“It’s an easier impulse buy,” Portale says. “I wouldn’t say they’re totally recession proof, but I would say that the really expensive items are selling at lesser quantities, and the lower priced end is doing better on a relative basis. Our business is starting to pick up right now, and we see things being fairly decent heading into the Christmas selling season. I don’t know how good it will be, but I don’t think it will be bad. This coming Christmas season will probably be about the same as last year. I don’t think it will be better.”
Ian Flanagan, co-owner of Opportunity Buys, a wholesaler of home décor, giftware and novelty products, has witnessed a general change in how people are viewing the market. “Whereas years ago people just wanted to see how cheap they could buy something, with no regard to quality, nowadays in the market you see more people saying, ‘We want better quality at a reasonable price.’ So if you’re able to provide a good quality product to the person, obviously it’s still not going to be as cheap as it used to be, when people didn’t care about quality. But now what Opportunity Buys in particular is trying to do is offer that good quality merchandise at a price that’s reasonable. It’s not something that the consumer has to pay $100 for, but people are more willing to spend that $20, as long as they know they’re getting something of quality.”
The economy has something to do with this shift. In today’s climate, many consumers are trying to move away from buying Chinese goods, and while this is never going to happen completely, it has taken its toll on wholesalers like Flanagan who deal in goods produced there. But as he points out, not all products coming out of China are necessarily of low quality, and the assumption that only junk is made overseas is often incorrect. “They do great work over there,” he says. “It’s just a matter of being able to provide it to the consumer at a price that’s reasonable. You can have stuff made in the United States that’s cheap and of poor quality, too. If you want better quality, there’s going to be more cost involved. What our company does is, we don’t say how cheap can you make it, we say we want the best quality we can get at a reasonable price. A lot of companies just go over there and ask how cheap can you make it? We don’t do that. We want to get the best quality we can and still be able to turn around and wholesale it out there at a price that, by the time it reaches the consumer, is not going to result in a grossly overpriced product.”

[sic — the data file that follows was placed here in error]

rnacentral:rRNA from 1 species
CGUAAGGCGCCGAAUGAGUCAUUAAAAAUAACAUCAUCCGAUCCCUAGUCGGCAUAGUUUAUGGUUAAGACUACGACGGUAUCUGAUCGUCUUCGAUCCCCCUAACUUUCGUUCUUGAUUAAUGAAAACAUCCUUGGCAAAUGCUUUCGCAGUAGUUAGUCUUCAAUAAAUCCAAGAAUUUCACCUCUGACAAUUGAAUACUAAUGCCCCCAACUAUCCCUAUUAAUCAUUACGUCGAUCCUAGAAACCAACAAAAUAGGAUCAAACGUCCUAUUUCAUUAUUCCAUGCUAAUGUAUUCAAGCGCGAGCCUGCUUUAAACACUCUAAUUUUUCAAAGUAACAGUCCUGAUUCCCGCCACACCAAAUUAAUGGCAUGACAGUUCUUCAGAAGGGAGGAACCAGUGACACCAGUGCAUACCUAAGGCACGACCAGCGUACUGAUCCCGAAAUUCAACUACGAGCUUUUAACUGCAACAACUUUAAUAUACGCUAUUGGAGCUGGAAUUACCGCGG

Flanagan’s customers comment all the time that they can get the merchandise other places where perhaps it’s a little cheaper, but the merchandise is of significantly poorer quality. With Opportunity Buys, they can spend that extra half dollar or dollar and get something that is of really good quality, which they can then turn around faster. With such higher quality products sitting next to lower quality products, as long as customers can see that difference in quality, they’re usually willing to pay five or six dollars more for it. “What everyone needs to remember is we’re on our way back up,” says Flanagan. “The U.S. as a whole is heading in the right direction economically. The economy itself is improving and getting better, and everyone needs to keep their chins up and keep pushing forward. Stick with your suppliers. If your supplier is supplying you with a good quality product and introducing new items, that’s a supplier you want to stay with.”
For many of these companies, such as SJT Enterprises, it’s all about gift giving. The wooden plaques, key chains, refrigerator magnets and other fun items SJT carries do especially well in the fourth quarter, right around Christmas time. And it’s no wonder, as they are inexpensive, well made and attractive. Specifically, owner Tim Smith cites the extremely popular wooden dog plaques for keeping his company’s business going strong through tougher times. “Our sales last month were the best we’ve ever had in 25 years, and it’s primarily because of the pet plaques; they’ve just done so well,” he says. “Even during bad times, during a bad economy, people will still buy something with their dog on it. It’s amazing.”
To the point made by Ian Flanagan, Smith notes that people seem to prefer items made in the U.S. For this reason, he makes sure his products are clearly labeled, “Made in the U.S.A.”. He reports receiving emails and phone calls on a weekly basis, sometimes daily, letting him know that they really like to see that they can buy something made domestically; more and more a rarity these days. In contrast to Flanagan’s more optimistic appraisal however, Smith has found that end customers do not seem as willing to pay as much as they used to. While a few years ago the magic number for a gift item was right around $20, now, because of the economy during the past year or two, that number is $10. This is reflected in the feedback from his buyers, who are now looking for items more in the range of $10 or less.